Rio seniors rank among World’s best
RIO GRANDE, Ohio – Thanks to online gaming, students in the Emerson E. Evans School of Business at the University of Rio Grande/Rio Grande Community College know they’re prepared for success in a global economy.
Once considered somewhat of a social faux pas, online gaming is not only accepted within the Evans School of Business, it’s strongly encouraged.
“You can’t game the game,” Professor Roger Watson said. “It is something that students, in some cases, log in more than 100 hours over the course of a semester.”
The game is The Business Strategy Game, in which students from business schools throughout the world compete each week by running all aspects of their own international manufacturing company. Each week simulates one year of a business lifecycle, with performance measured in four categories: overall score, earnings per share, return on average equity and stock price.
Students who perform best in their class in each category are ranked against fellow top performers worldwide. At Rio Grande, the game is a major component of the senior strategic management capstone course.
This fall, three Rio Grande students ranked among the top 100 globally. Rio students work in two-person teams with the occasional individual team. The duo of Bonita Glasgow and Tiffany Duncan ranked 20th in return on average equity, while Jordan Jenkins twice ranked among the top 100 in overall score.
“To put their achievement in context, over the past twelve months, 45,959 students in 2,498 classes at 569 colleges or universities in 52 different countries participated in The Business Strategy Game,” Professor Watson said. “It shows students that they can compete in the broader context of students throughout the world.”
That fact certainly isn’t lost among the five seniors – Rachel Merry, Skylar Willford, Duncan, Glasgow and Jenkins – enrolled in the capstone course this fall.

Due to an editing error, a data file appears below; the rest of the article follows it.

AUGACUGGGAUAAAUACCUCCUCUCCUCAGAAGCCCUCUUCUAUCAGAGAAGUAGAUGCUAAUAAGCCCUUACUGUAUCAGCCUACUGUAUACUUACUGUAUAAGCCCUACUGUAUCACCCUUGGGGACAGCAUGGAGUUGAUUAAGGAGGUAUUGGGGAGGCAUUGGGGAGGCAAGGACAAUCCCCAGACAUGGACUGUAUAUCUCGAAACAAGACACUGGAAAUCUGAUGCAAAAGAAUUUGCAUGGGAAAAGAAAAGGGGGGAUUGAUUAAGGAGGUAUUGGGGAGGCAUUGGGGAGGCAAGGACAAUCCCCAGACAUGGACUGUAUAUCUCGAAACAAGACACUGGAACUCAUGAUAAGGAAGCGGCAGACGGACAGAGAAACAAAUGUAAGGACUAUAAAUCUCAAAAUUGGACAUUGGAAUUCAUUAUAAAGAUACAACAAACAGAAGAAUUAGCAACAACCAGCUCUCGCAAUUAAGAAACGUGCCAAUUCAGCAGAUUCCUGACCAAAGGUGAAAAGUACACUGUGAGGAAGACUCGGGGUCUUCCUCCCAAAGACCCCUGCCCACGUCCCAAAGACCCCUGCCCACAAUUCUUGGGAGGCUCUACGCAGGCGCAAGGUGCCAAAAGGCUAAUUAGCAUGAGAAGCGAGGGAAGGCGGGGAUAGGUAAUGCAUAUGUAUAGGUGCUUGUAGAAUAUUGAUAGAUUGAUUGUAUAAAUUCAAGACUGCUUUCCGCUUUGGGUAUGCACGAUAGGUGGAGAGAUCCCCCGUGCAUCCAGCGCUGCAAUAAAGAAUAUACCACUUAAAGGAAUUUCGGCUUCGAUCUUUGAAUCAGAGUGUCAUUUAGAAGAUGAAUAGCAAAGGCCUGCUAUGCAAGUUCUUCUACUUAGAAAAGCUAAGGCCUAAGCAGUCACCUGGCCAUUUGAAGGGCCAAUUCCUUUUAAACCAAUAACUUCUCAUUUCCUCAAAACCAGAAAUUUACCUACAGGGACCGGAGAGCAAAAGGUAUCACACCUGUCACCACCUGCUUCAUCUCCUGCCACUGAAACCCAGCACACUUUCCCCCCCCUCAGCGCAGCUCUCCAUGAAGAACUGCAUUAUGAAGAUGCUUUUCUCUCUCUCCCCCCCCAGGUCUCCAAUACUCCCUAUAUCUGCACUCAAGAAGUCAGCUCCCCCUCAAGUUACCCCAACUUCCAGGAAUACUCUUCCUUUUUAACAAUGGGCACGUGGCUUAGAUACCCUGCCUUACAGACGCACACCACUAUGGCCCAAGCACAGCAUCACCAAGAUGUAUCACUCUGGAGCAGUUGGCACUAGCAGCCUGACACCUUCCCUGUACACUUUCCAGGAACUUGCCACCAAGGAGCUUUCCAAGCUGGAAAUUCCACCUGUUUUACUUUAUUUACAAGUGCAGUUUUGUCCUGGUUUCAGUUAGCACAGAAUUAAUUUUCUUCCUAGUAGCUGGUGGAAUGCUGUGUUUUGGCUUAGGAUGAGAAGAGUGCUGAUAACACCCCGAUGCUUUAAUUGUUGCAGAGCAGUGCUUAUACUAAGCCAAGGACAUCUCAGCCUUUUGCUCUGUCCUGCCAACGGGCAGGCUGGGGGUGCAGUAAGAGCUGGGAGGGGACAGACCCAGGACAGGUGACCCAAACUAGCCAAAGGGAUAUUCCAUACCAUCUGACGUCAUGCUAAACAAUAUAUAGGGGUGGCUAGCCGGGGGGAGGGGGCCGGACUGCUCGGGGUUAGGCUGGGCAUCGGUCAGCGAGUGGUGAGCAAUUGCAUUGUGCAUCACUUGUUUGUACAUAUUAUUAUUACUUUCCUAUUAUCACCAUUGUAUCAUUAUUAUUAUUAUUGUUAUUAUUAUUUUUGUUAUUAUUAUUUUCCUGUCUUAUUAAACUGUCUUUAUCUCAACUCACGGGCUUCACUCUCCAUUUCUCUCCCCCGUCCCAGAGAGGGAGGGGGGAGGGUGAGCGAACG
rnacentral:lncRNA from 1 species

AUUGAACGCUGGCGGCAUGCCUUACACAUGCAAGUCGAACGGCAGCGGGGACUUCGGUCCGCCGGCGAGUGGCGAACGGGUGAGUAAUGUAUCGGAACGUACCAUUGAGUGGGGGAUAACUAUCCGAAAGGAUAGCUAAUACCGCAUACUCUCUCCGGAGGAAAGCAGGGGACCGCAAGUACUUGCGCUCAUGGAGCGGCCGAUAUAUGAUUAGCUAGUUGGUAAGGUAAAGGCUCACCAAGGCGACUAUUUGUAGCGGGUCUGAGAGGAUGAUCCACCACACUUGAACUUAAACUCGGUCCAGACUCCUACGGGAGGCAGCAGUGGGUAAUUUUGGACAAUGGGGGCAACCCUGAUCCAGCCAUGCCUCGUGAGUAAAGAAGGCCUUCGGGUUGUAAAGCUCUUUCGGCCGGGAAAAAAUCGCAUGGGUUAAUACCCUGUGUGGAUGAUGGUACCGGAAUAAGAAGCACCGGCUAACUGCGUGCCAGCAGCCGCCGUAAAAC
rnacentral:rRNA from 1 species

When informed she placed 20th globally, Glasgow took a victory lap at Holzer Health Systems, where she works as a legal administrative coordinator.
“I couldn’t stop smiling,” Glasgow said. “At first (my coworkers) reaction was ‘Oh wow, good for you.’ Then I was like, this was out of 569 schools worldwide, and then their reaction was like, ‘Holy crap!’ So yeah, it’s pretty exciting.”
The game is described as challenging, invigorating and addicting, but also frustrating. A great week can take countless hours of work, but might not be enough to win your class, which is required to compete in the global rankings.
Rio’s success, however, is nothing new.
The game has been a component of the Evans School of Business for roughly 20 years. Since it went online in the fall of 2006 with global rankings, Rio students have ranked among the top 100 in 14 of last 15 semesters.
“What we’re doing is every single facet of a business. It’s amazing what all goes in there,” Glasgow said. “You’re at every single level and have control over every decision that goes into a business. You’re just two people making the decisions that can sometimes take 100 people.”
Business decisions deal with everything from construction, sales, wholesale, retail, staffing, shipping, marketing, royalties and so much more.
Glasgow, who transferred to Rio after first attending a larger university, insists Rio students have a distinct advantage thanks to the uniquely personalized education each student receives because of the 16:1 student-teacher ratio.
“It was very difficult to feel at home in a classroom with 50, 60 kids,” she said. “The professors really didn’t care.
“The professors here at Rio really get to know you, they remember you and anything you want to share,” Glasgow continued. “I love that part of Rio; I really do. The professors are always helpful. They want to see you succeed and they’ll do whatever they can.”